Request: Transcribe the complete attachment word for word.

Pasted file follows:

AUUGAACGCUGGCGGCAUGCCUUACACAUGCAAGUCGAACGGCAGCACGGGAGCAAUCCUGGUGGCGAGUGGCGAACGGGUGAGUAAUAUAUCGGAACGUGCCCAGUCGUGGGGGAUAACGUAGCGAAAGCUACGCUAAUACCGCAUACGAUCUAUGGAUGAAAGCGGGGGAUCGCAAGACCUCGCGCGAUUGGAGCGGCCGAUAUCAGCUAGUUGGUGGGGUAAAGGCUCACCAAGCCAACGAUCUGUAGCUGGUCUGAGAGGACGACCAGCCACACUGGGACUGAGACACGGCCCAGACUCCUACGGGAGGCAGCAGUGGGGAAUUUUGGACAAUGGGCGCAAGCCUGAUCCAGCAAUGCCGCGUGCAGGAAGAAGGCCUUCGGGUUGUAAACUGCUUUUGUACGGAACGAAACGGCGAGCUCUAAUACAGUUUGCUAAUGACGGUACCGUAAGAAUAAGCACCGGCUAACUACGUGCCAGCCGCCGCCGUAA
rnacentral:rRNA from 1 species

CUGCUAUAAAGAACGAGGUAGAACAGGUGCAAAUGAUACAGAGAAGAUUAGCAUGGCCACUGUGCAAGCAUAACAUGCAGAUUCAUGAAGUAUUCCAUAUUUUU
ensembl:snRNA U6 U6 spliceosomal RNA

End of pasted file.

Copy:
AUUGAACGCUGGCGGCAUGCCUUACACAUGCAAGUCGAACGGCAGCACGGGAGCAAUCCUGGUGGCGAGUGGCGAACGGGUGAGUAAUAUAUCGGAACGUGCCCAGUCGUGGGGGAUAACGUAGCGAAAGCUACGCUAAUACCGCAUACGAUCUAUGGAUGAAAGCGGGGGAUCGCAAGACCUCGCGCGAUUGGAGCGGCCGAUAUCAGCUAGUUGGUGGGGUAAAGGCUCACCAAGCCAACGAUCUGUAGCUGGUCUGAGAGGACGACCAGCCACACUGGGACUGAGACACGGCCCAGACUCCUACGGGAGGCAGCAGUGGGGAAUUUUGGACAAUGGGCGCAAGCCUGAUCCAGCAAUGCCGCGUGCAGGAAGAAGGCCUUCGGGUUGUAAACUGCUUUUGUACGGAACGAAACGGCGAGCUCUAAUACAGUUUGCUAAUGACGGUACCGUAAGAAUAAGCACCGGCUAACUACGUGCCAGCCGCCGCCGUAA
rnacentral:rRNA from 1 species

CUGCUAUAAAGAACGAGGUAGAACAGGUGCAAAUGAUACAGAGAAGAUUAGCAUGGCCACUGUGCAAGCAUAACAUGCAGAUUCAUGAAGUAUUCCAUAUUUUU
ensembl:snRNA U6 U6 spliceosomal RNA